Q: You've said the essence of Dylan's work is his empathy. Allowing that Dylan is a singular figure, have you heard any popular artists of the past decade or so, who you feel possess a similar ability.
A: Dylan has a novelist's empathy: he can inhabit the souls of other people, see through their eyes, sing in their voices. Where that came from, I don't know. Other people? Warren Zevon, sometimes. It's hard to find.
Q: What do you think of the rock n roll hall of fame conceptually?
A: I always thought it was a ridiculous idea. As Little Richard once said, you can't put a tuxedo on the funky blues--though I'll bet he wore a tuxedo to his induction. But I love the museum, the changing exhibits, the strange stuff they have--and I've learned how important admission to the Rock Hall is to musicians. So many truly take it--whether they're in or pining to get in--as an absolute validation, the ultimate recognition that they were here, they did something, it mattered, they'll be remembered.
Q: Many folks say the "Ipod shuffle" generation and the musical miscegenation in pop music has loosened some of the cultural/social boundaries of the 60-80s (i.e. I'm a metalhead, so I can't publicly enjoy Mr Mister). Do you think this is true? If so, is this progress? Is it good/bad? If you disagree, why?
A: I have no idea if it's true. I think people are sectarian by nature.
Q: You've watched popular music change and grown over the past four decades and (at least to my ears) it seems pop music has largely left broader social and especially political issues behind and now goes for escapism or looks inward (Beyonce and her "ladies are awesome" anthems, Gaga's free-to-be-you-and-me "Born This Way" and all the Kanye West songs about how tough and great it is to be Kanye West). Do you think contemporary pop music is still one of the mirrors by which society can objectively gaze at itself and if so, what the hell are we looking at?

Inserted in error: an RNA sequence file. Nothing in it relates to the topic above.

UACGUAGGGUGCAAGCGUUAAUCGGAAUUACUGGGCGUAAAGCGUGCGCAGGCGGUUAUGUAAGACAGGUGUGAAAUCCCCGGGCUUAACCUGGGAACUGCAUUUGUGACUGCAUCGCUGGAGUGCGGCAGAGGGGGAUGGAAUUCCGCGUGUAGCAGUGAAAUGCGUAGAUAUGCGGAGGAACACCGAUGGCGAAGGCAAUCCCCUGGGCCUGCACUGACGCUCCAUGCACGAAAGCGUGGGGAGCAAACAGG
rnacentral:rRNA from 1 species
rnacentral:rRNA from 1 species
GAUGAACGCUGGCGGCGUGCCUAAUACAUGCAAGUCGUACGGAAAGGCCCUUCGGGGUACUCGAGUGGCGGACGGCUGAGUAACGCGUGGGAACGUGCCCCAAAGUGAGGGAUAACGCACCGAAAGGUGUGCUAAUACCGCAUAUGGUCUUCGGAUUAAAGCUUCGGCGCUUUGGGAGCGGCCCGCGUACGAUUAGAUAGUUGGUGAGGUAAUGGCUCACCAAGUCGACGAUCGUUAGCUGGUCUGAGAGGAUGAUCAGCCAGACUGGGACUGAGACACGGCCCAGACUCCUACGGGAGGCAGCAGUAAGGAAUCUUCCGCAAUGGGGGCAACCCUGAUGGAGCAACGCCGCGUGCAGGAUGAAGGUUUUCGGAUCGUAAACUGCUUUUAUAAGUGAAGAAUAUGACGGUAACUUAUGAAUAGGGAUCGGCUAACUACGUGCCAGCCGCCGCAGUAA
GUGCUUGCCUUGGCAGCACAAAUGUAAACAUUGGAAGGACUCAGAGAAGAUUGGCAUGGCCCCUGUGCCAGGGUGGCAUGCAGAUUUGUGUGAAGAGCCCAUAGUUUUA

A: I hear what you're looking for in PJ Harvey, all the time. I hear it in Eminem. But really--social realities, and the way they change, the threats that appear out of nowhere and don't go away, are always part of what goes into a song. It isn't the writer's or the singer's intentions that count. Keith Richard, in his "Life," talks about writing "Gimmie Shelter." He talks about looking out the window one day, it was storming, people's umbrellas were being blown out of their hands: "You get lucky, sometimes," he said. He stumbled on a song that turned out to be an-all encompassing, bottomless metaphor for, a dramatization of, the great social shift from the opening up of the 1960s to the shut down of the 1970s. He wasn't trying to do that; he wasn't interested. But in some part of himself, he felt, he absorbed, the looming sense that the good times were about to end. That's how it works, I think. It may be more a matter of how we hear than what people are singing.